Sempervivum arachnoideum

Sempervivum arachnoideum

Sempervivum arachnoideum

Il nome "arachnoideum" deriva dall'antica parola greca "arachnion" (αραχνιον), che significa "ragno" e si riferisce alle rosette centrali pelose che assomigliano a ragnatele.
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Descrizione

Il nome "arachnoideum" deriva dall'antica parola greca
 "arachnion" (αραχνιον), che significa "ragno" e si riferisce alle rosette centrali pelose che assomigliano a ragnatele.

Family: Crassulaceae

Scientific name:  Sempervivum arachnoideum L.

Origin:  Mountain of Europe from the Pyrenees to the Carpathians where many variations occur naturally.

Common Names include: Cobweb Houseleek, Hens & Chicks

Etymology: Its name arachnoideum refers to ancient Greek "arachnion" (αραχνιον), mening "spider" plus the adjective suffix for nouns "oides" (-οειδες) meaning "like" or "resemble" for its furry central rosettes, resembling spider webs.

Sempervivum arachnoideum

Description: S. arachnoideum is a small, evergreen perennial succulent that grow in very tight rosette forming mats up to 30cm (or more) in diameter, often cultivated in rock gardens. It is a very variable species. There are even a dwarf and a crested form and they all hybridize easily for new varieties.
Rosettes: Each rosette is small and may have up to 50-60 leaves. Some form clusters of 1- 2 cm balls, others have larger balls. The tips of the leaves are connected together by a very fine webbing that looks just like cobwebs thin, but there are many different clones. Some are very furry other slightly furry, there are also types that are red, some maroon, others green.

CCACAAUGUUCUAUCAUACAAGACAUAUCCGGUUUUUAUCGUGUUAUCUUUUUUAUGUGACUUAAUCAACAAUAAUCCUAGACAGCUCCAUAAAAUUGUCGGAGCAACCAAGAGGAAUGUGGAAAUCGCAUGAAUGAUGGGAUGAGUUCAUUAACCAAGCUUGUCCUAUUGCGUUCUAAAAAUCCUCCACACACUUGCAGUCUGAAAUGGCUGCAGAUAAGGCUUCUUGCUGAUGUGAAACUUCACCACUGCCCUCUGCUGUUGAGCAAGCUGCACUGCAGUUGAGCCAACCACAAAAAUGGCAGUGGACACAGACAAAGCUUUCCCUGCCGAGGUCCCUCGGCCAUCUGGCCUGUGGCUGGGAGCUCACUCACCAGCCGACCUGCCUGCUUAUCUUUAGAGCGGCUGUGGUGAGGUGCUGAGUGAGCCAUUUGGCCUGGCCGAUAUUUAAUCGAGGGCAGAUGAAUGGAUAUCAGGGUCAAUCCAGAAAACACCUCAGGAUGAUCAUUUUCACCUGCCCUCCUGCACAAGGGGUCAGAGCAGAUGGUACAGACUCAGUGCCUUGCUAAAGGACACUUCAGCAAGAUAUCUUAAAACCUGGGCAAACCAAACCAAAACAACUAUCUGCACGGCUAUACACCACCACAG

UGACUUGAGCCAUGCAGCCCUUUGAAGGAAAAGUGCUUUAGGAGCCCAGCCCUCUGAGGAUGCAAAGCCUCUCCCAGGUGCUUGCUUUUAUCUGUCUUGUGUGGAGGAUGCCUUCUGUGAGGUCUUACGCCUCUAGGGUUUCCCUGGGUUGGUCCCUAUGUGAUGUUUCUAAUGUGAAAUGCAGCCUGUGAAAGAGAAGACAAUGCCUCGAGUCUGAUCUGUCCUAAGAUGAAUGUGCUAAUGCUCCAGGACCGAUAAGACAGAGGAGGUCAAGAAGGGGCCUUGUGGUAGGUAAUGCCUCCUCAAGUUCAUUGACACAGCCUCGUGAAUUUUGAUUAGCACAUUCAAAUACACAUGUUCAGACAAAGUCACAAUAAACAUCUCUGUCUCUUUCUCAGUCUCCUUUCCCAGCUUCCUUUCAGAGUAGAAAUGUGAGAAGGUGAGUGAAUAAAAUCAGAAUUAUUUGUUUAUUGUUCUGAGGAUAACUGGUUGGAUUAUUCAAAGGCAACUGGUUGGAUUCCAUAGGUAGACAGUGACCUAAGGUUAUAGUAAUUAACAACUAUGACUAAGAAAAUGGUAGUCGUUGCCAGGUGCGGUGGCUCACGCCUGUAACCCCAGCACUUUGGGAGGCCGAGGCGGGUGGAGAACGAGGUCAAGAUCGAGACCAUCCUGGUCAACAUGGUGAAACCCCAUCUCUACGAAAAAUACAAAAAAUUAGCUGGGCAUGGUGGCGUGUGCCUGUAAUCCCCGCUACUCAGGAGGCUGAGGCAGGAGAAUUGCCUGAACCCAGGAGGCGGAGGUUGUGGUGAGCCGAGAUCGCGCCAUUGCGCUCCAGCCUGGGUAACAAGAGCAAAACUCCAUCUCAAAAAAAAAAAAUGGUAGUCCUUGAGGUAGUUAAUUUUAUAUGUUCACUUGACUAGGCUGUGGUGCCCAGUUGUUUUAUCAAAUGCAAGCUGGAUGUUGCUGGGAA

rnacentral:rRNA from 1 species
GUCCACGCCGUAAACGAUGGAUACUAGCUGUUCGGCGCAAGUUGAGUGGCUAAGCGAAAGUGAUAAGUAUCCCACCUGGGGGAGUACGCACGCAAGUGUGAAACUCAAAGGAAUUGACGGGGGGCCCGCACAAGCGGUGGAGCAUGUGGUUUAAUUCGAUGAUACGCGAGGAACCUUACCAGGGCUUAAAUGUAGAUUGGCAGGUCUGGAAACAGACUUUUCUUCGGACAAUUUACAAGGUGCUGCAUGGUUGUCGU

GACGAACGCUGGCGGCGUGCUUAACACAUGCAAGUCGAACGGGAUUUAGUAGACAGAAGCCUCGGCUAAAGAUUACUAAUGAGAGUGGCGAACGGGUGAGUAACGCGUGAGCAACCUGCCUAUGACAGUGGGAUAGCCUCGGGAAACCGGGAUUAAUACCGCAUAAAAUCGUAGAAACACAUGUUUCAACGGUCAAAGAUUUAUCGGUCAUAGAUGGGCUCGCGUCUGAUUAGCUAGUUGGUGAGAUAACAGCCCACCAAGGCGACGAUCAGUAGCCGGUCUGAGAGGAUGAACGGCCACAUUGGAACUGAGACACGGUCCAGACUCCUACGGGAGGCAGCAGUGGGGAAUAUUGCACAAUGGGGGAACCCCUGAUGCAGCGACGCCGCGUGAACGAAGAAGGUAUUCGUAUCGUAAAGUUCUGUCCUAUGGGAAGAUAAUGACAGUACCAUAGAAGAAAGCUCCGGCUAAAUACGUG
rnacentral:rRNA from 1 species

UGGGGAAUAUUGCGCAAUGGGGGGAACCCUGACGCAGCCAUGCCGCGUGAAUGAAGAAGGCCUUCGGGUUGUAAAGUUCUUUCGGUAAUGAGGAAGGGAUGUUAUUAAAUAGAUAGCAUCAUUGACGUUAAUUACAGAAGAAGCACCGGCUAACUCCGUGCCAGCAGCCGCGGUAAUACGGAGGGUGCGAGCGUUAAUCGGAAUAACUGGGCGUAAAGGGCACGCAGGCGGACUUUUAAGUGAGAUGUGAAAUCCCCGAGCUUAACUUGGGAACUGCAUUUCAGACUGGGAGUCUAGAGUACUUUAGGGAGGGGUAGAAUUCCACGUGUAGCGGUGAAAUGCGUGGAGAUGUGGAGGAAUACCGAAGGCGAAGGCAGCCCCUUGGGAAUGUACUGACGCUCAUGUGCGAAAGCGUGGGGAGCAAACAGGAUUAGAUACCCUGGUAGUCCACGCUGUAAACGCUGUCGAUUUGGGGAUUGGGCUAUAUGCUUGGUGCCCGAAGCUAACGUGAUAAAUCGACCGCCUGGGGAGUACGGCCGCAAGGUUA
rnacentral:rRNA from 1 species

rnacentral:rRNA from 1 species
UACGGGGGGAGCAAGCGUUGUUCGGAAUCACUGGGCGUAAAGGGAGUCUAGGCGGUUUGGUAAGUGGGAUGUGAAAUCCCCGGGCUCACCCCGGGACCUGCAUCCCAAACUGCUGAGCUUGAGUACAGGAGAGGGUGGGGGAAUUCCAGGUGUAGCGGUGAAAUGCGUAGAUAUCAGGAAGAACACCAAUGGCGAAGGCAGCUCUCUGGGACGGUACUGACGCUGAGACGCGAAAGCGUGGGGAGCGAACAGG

Flowers: Pink (usually) but also white or bright-red about 1-2.5 cm across. Flowers are raised on  thick 20 cm tall stems and hermaphroditical (having both male and female reproductive organs)
Blooming season: Summer, lasting into early autumn. The rosette that bloomed then dies after setting seeds.

Curiosity: In Europe, the Houseleek (Sempervivum) are sometimes used in roofing, with the plants grown in between roofing tiles; they are believed to ward off lightening.

Cultivation: Always an interesting plant and relatively  easy to grow in container or in the rock garden but resents winter wet. The 'cobweb' catches and holds the rain so that rot is likely to set in. Frost Tolerance: Hardy at least to -12°C (or less). After the plant blooms and sets seed it will die, but there will be many offsets to take its place. It need full sun to light shade and tolerates shade, but a sunny spot is nicest, though in warmer climates it needs protection from too much sun because it is not very heat tolerant.

Require a well drained succulent soil mix. It takes little water & could rot if watered too often. During the growing season, the plants are watered and allowed to dry slightly before watering again. Although they can take a great deal of drought, they seem to do better with regular (but moderated) watering. During the winter months, plants are watered very little.
Outdoors it will spread itself through narrow locations between rockery stones. It does not prefer rich loamy soil; gritty dirt with pea gravel suits it. Excess moisture can damage the plant in winter and it will benefit from being brought into the shelter of the greenhouse or cold frame.

Propagation: Is very easily propagated by division of larger clumps or by offsets.